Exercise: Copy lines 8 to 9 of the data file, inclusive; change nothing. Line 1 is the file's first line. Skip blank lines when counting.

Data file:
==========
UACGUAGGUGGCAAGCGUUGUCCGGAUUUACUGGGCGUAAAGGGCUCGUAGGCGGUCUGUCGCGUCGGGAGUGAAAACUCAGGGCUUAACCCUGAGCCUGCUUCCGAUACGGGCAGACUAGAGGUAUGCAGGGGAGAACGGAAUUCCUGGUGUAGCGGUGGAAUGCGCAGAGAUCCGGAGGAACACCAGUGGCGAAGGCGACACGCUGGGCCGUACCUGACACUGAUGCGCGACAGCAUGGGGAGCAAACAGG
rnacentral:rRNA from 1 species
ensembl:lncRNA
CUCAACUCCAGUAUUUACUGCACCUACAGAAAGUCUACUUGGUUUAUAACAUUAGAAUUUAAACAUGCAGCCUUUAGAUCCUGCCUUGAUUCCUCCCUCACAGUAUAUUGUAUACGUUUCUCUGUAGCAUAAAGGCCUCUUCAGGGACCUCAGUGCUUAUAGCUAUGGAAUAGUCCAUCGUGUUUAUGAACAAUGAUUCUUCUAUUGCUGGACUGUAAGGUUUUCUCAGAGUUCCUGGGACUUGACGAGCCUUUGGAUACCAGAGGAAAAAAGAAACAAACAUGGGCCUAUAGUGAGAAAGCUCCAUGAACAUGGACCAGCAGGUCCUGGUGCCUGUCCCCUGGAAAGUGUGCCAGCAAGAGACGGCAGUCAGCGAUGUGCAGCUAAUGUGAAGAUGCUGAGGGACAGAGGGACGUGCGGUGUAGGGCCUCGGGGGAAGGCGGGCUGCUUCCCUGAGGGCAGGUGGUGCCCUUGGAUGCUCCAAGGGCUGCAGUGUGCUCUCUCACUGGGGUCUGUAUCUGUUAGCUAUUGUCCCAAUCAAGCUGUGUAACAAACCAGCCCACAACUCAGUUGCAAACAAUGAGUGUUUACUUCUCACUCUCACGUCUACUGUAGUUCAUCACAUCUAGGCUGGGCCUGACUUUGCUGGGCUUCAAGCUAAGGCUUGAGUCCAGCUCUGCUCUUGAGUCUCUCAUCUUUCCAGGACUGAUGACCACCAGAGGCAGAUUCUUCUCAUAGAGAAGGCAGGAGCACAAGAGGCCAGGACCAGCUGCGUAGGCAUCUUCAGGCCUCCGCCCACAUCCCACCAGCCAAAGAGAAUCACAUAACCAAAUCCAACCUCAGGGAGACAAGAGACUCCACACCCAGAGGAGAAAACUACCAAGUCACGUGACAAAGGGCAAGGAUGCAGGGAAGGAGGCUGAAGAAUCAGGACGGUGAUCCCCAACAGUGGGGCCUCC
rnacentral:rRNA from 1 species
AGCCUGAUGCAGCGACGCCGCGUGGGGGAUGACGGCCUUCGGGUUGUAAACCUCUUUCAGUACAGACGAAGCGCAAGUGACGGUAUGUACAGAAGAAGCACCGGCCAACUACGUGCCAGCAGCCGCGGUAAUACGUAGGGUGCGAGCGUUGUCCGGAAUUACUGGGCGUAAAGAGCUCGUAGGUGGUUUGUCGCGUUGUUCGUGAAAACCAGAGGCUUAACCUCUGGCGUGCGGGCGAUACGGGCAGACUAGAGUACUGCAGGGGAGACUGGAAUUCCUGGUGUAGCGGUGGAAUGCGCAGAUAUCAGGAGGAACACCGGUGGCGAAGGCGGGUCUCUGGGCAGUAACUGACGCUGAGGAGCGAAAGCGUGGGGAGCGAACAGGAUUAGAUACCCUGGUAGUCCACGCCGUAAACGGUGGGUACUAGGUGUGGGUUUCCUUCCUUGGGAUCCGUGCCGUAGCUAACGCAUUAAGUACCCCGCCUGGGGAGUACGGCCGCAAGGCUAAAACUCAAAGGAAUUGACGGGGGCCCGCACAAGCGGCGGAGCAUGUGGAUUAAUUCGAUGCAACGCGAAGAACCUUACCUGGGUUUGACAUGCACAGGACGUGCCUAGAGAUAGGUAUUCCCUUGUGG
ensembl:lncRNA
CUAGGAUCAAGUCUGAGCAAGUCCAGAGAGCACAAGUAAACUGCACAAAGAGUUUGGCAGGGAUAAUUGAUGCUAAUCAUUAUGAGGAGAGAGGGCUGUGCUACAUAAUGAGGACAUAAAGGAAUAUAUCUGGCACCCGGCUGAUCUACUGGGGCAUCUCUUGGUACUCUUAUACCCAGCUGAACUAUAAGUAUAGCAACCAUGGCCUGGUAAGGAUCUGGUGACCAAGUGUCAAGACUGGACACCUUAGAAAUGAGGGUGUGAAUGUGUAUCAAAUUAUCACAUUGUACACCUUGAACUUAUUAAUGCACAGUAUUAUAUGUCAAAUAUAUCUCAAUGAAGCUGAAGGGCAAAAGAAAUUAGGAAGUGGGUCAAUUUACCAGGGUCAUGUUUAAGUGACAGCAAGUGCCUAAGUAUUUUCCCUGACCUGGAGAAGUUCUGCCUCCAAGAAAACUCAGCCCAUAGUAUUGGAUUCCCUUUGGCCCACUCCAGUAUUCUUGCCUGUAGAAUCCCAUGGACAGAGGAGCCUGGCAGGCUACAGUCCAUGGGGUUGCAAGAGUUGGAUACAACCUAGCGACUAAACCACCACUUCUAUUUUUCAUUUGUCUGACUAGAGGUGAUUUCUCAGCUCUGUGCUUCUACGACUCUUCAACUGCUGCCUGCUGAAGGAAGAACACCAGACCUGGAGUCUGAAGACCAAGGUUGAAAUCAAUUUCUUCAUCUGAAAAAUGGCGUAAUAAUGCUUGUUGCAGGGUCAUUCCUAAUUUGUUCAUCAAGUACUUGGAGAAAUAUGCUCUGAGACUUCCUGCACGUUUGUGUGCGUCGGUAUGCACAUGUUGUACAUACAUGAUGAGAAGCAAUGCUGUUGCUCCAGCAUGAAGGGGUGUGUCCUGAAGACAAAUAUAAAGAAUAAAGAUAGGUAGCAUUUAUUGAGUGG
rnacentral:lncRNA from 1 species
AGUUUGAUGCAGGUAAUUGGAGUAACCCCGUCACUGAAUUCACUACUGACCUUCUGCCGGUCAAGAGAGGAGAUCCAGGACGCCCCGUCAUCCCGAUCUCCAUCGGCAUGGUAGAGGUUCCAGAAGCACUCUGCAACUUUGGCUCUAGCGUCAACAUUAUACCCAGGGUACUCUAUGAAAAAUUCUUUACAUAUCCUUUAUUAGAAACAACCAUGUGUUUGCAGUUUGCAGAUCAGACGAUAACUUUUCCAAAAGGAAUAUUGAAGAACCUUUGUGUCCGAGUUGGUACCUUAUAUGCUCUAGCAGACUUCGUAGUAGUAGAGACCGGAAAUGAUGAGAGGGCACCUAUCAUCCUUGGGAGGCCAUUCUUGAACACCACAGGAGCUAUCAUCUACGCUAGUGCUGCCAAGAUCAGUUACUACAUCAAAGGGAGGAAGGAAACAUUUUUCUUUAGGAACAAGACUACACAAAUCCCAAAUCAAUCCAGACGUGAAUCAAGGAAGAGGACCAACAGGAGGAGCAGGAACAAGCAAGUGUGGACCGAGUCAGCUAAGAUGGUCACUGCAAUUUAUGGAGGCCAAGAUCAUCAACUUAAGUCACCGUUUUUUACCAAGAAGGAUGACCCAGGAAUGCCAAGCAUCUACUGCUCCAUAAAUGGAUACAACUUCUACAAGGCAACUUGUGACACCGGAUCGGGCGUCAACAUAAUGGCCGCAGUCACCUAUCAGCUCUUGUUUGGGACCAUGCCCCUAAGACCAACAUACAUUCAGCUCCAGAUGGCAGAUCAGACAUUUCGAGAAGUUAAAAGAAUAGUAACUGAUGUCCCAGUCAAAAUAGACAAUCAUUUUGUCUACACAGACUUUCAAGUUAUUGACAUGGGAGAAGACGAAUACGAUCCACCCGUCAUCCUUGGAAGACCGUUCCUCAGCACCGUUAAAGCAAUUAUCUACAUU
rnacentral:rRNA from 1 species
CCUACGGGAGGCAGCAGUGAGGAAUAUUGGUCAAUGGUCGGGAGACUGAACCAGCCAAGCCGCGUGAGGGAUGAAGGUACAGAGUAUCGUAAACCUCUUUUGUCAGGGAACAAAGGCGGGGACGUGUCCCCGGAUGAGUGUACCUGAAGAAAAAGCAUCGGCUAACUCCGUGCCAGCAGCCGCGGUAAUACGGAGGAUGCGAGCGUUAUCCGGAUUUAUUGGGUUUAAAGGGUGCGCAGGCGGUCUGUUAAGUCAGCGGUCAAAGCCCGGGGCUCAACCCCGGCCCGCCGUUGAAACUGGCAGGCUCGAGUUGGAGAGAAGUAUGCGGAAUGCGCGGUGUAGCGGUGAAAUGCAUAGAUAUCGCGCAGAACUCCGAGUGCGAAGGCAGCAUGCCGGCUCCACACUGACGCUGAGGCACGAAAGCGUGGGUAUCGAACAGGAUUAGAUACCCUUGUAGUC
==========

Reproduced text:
CUAGGAUCAAGUCUGAGCAAGUCCAGAGAGCACAAGUAAACUGCACAAAGAGUUUGGCAGGGAUAAUUGAUGCUAAUCAUUAUGAGGAGAGAGGGCUGUGCUACAUAAUGAGGACAUAAAGGAAUAUAUCUGGCACCCGGCUGAUCUACUGGGGCAUCUCUUGGUACUCUUAUACCCAGCUGAACUAUAAGUAUAGCAACCAUGGCCUGGUAAGGAUCUGGUGACCAAGUGUCAAGACUGGACACCUUAGAAAUGAGGGUGUGAAUGUGUAUCAAAUUAUCACAUUGUACACCUUGAACUUAUUAAUGCACAGUAUUAUAUGUCAAAUAUAUCUCAAUGAAGCUGAAGGGCAAAAGAAAUUAGGAAGUGGGUCAAUUUACCAGGGUCAUGUUUAAGUGACAGCAAGUGCCUAAGUAUUUUCCCUGACCUGGAGAAGUUCUGCCUCCAAGAAAACUCAGCCCAUAGUAUUGGAUUCCCUUUGGCCCACUCCAGUAUUCUUGCCUGUAGAAUCCCAUGGACAGAGGAGCCUGGCAGGCUACAGUCCAUGGGGUUGCAAGAGUUGGAUACAACCUAGCGACUAAACCACCACUUCUAUUUUUCAUUUGUCUGACUAGAGGUGAUUUCUCAGCUCUGUGCUUCUACGACUCUUCAACUGCUGCCUGCUGAAGGAAGAACACCAGACCUGGAGUCUGAAGACCAAGGUUGAAAUCAAUUUCUUCAUCUGAAAAAUGGCGUAAUAAUGCUUGUUGCAGGGUCAUUCCUAAUUUGUUCAUCAAGUACUUGGAGAAAUAUGCUCUGAGACUUCCUGCACGUUUGUGUGCGUCGGUAUGCACAUGUUGUACAUACAUGAUGAGAAGCAAUGCUGUUGCUCCAGCAUGAAGGGGUGUGUCCUGAAGACAAAUAUAAAGAAUAAAGAUAGGUAGCAUUUAUUGAGUGG
rnacentral:lncRNA from 1 species